Espírito Santo, A. (2021). História de São Tomé e Príncipe: da descoberta a meados do século XIX. Lisboa: Edições Colibri.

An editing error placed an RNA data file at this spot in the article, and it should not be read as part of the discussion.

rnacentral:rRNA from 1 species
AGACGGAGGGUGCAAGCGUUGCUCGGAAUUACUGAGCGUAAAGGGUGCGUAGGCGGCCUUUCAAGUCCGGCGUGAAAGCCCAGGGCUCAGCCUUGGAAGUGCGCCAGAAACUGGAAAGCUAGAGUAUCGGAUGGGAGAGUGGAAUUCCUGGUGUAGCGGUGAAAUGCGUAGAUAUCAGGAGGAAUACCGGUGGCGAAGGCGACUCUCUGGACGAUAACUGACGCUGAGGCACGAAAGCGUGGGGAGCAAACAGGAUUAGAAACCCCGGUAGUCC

Lisbon, a city of as many valleys and hills as there are myths surrounding its history and the people who invented it, stretches along the Tagus, where the river ends its course through Iberian land and plunges into the Atlantic Ocean. Lisbon was born on the hill of São Jorge Castle, where a Bronze Age settlement left its traces, which crossed with many other marks engraved by Greeks, Phoenicians, Lusitanians, Romans, Visigoths, Arabs, Jews and Christians. A long road of people and cultures, of stories and legends, of gods and heroes who, like Ulysses the mythical founder of the city – Olisipo – which owes its name to him, built and rebuilt this urban space. The aim of Historical Guide to an African Lisbon, XV-XXI Century is to show Lisbon’s Africanness, dispersed in a plurality of memories and immaterial and invisible traces in the days in which we live. History tells us about the settlement and life of thousands of Africans who for centuries took part in the process of building the Portuguese national fact. Travelling through the city, armed with historical knowledge, we are surprised by the vigorous African presence that invaded all spaces of Lisbon society, we reconstruct a hidden Lisbon, submerged by a centuries-old prejudice that still dominates our collective imagination and we understand, with greater clarity, not only behaviours, values, practices that remain in urban daily life, but also the constant reinventions of Portuguese and African identities, present in the country.